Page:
Isle of Man fishermen are being reminded of the minimum landing size of shellfish caught in Manx waters after a local man was fined
Local fishermen in the Isle of Man are being reminded of the minimum landing size of shellfish caught in Manx waters after a local man was fined £10,000 for being in possession of undersized lobsters.
The regulations which impose restrictions on the size of retained crabs and lobsters exist to protect the sustainability and conservation of crustacean stocks around the Island. Allowing these animals to stay at sea for longer, before being caught, helps to boost the population; potentially increasing both the number of opportunities to spawn and the number of offspring produced.
Last September, following a public consultation which provided significant supporting evidence, the minimum size for landed crabs rose to 140 mm (carapace width), and to 88 mm (carapace length) for lobsters.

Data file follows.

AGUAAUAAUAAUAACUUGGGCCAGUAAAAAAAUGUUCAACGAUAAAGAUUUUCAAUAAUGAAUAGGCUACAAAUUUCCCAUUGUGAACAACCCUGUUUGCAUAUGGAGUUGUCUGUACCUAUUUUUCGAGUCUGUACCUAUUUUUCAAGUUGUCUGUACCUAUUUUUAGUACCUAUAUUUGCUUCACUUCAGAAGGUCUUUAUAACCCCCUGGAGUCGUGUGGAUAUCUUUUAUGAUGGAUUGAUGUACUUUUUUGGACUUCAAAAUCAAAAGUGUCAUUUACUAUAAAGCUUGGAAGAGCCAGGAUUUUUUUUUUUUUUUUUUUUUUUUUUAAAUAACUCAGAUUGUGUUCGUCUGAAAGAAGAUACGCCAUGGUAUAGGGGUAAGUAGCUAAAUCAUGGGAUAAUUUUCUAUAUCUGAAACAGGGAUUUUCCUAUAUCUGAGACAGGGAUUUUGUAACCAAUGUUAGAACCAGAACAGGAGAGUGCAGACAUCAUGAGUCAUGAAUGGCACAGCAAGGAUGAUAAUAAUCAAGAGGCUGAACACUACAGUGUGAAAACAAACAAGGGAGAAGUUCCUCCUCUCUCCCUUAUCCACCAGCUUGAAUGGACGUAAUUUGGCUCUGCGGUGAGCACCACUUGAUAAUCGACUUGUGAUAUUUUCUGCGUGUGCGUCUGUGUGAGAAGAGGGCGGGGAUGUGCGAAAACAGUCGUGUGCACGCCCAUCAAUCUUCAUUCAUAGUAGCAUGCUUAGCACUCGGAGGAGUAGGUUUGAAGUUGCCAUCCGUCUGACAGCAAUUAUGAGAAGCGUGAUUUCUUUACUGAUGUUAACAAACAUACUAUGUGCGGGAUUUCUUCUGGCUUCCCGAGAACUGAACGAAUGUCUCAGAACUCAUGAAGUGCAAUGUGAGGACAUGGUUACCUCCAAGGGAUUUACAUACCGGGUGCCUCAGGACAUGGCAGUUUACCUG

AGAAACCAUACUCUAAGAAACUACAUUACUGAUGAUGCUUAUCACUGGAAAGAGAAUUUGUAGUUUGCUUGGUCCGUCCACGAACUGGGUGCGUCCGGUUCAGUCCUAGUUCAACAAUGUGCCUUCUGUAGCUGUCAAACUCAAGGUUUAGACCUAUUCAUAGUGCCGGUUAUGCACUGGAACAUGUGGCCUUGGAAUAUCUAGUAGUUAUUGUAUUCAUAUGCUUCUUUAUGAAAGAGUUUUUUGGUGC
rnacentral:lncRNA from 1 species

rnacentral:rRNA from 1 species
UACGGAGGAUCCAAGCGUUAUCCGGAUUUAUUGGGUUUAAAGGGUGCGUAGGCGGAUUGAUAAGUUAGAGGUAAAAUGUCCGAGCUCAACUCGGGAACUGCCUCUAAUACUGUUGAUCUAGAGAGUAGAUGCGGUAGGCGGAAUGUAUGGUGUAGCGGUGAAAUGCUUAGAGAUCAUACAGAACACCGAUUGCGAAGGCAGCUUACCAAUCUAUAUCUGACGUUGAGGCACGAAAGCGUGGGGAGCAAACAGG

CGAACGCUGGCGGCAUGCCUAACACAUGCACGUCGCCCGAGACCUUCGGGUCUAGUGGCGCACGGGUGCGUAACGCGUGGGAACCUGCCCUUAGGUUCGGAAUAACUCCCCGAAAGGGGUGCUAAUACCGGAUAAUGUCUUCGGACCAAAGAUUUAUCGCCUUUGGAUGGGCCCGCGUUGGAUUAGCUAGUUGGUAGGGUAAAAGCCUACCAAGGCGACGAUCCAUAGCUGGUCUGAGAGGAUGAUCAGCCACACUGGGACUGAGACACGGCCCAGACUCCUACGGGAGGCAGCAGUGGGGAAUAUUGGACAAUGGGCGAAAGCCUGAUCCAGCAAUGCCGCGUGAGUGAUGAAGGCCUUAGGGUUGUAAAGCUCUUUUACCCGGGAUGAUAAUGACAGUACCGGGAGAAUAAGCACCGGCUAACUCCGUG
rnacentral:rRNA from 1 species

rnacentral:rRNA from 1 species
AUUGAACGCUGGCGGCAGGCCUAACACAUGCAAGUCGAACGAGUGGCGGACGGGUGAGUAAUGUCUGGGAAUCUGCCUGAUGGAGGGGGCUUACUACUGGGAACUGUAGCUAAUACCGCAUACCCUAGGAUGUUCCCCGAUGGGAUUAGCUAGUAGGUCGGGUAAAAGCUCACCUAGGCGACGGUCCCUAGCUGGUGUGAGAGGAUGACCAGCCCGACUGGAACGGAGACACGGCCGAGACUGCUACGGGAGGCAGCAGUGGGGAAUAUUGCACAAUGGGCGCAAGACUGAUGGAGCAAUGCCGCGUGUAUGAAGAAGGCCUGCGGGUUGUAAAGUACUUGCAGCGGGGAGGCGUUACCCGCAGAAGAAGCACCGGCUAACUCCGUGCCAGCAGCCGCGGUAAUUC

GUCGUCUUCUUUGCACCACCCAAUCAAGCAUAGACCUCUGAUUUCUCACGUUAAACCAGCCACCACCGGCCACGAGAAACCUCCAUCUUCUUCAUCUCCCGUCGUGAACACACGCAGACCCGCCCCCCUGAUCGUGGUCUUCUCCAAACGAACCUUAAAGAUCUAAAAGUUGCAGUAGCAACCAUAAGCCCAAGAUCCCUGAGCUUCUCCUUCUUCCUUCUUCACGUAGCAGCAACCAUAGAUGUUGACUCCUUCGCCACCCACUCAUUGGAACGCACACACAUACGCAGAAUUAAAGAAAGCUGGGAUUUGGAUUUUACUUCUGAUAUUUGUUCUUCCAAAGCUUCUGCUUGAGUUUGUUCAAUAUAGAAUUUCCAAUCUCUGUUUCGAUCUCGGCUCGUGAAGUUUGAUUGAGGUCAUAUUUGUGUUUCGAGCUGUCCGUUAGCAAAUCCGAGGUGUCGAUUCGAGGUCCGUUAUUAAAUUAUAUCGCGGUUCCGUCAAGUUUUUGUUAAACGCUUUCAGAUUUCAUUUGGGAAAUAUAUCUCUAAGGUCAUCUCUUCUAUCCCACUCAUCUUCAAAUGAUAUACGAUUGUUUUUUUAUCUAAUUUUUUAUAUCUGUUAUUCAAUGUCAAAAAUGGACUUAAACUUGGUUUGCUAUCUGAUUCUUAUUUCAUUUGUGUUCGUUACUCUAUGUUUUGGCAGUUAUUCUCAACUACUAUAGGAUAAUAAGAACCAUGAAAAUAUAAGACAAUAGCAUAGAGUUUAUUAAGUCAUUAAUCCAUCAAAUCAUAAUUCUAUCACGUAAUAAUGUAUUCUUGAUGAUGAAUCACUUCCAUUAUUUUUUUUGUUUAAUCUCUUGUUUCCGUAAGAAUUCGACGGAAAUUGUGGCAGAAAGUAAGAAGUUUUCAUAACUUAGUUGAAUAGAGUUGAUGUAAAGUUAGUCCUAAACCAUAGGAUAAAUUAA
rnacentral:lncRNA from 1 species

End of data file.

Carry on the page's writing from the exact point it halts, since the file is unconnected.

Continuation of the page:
The minimum size of lobsters will increase again to 90mm in September, with this phased approach introduced as a way to mitigate short-term financial implications to fishermen.
Dr Michelle Haywood MHK, Member for the Department of Environment, Food and Agriculture said:
“The Department is committed to the conservation and preservation of fish stocks around the Isle of Man.
“It is important that all local fishermen follow these rules otherwise they will find themselves in breach of the law and the department will prosecute offenders.”
Landing larger lobsters and crabs will also benefit fishermen as individuals are paid in weight of the animal rather than quantity landed, and the new measures coming in will, in the long term, help boost the spawning stock and improve catch rates for fishermen.
DEFA is committed to protecting the potting fishery which is worth more than £2 million a year to the Manx economy and will rigorously enforce minimum landing sizes.